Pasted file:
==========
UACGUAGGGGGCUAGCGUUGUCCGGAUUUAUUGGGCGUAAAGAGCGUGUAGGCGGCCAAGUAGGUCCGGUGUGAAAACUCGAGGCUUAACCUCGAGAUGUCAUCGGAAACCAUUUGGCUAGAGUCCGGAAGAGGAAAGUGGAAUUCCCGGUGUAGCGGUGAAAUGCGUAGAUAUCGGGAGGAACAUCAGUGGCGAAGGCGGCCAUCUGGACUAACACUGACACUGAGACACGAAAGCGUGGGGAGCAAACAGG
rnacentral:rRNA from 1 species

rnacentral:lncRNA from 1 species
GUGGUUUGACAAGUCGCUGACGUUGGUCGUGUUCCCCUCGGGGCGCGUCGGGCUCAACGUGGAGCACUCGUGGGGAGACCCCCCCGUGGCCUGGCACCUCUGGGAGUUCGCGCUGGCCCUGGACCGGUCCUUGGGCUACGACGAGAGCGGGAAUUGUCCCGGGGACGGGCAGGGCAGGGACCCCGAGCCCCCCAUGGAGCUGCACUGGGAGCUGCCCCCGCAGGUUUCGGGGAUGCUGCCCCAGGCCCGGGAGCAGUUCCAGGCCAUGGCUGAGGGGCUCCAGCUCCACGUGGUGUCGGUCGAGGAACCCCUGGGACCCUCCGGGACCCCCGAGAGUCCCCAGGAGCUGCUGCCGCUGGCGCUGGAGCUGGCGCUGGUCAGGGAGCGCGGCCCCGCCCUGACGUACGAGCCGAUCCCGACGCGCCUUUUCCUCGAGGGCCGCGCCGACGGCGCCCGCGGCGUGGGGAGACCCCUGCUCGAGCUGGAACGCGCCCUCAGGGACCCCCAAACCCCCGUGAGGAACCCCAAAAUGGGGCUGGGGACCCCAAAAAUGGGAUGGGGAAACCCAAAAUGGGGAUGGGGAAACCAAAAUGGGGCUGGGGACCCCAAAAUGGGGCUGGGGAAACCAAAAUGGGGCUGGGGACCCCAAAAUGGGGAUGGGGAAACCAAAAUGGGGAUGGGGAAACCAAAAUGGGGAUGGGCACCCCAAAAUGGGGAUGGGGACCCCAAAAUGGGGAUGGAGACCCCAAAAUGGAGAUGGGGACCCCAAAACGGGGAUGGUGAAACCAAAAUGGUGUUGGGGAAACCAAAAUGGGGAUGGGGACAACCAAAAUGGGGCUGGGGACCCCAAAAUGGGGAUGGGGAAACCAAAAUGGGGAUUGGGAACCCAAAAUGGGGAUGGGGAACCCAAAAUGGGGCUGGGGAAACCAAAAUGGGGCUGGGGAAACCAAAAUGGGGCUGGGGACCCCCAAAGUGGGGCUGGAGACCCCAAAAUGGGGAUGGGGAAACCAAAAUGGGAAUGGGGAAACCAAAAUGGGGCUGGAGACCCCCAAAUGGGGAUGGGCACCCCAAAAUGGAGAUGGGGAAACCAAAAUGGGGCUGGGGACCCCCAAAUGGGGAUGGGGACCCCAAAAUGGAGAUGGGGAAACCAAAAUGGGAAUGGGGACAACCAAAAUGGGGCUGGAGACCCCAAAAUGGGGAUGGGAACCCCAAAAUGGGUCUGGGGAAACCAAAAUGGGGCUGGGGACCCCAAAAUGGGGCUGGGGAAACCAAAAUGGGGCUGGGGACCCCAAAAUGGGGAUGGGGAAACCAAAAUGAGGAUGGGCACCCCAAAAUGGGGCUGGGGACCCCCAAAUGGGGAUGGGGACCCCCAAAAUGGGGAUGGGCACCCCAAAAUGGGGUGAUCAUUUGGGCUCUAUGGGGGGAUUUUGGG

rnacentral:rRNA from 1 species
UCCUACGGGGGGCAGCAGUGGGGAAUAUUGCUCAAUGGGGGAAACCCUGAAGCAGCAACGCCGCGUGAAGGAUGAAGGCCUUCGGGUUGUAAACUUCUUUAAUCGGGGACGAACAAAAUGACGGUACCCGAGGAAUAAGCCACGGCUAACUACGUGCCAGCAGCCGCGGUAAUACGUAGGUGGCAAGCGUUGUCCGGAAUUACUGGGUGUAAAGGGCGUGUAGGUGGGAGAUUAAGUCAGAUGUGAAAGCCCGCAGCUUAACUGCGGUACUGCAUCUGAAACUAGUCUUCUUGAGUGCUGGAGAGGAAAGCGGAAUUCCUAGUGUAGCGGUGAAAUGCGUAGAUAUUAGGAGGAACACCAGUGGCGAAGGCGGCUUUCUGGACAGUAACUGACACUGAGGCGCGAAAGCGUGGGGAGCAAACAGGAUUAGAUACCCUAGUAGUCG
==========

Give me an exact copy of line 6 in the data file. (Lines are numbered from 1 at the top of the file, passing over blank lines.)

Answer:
UCCUACGGGGGGCAGCAGUGGGGAAUAUUGCUCAAUGGGGGAAACCCUGAAGCAGCAACGCCGCGUGAAGGAUGAAGGCCUUCGGGUUGUAAACUUCUUUAAUCGGGGACGAACAAAAUGACGGUACCCGAGGAAUAAGCCACGGCUAACUACGUGCCAGCAGCCGCGGUAAUACGUAGGUGGCAAGCGUUGUCCGGAAUUACUGGGUGUAAAGGGCGUGUAGGUGGGAGAUUAAGUCAGAUGUGAAAGCCCGCAGCUUAACUGCGGUACUGCAUCUGAAACUAGUCUUCUUGAGUGCUGGAGAGGAAAGCGGAAUUCCUAGUGUAGCGGUGAAAUGCGUAGAUAUUAGGAGGAACACCAGUGGCGAAGGCGGCUUUCUGGACAGUAACUGACACUGAGGCGCGAAAGCGUGGGGAGCAAACAGGAUUAGAUACCCUAGUAGUCG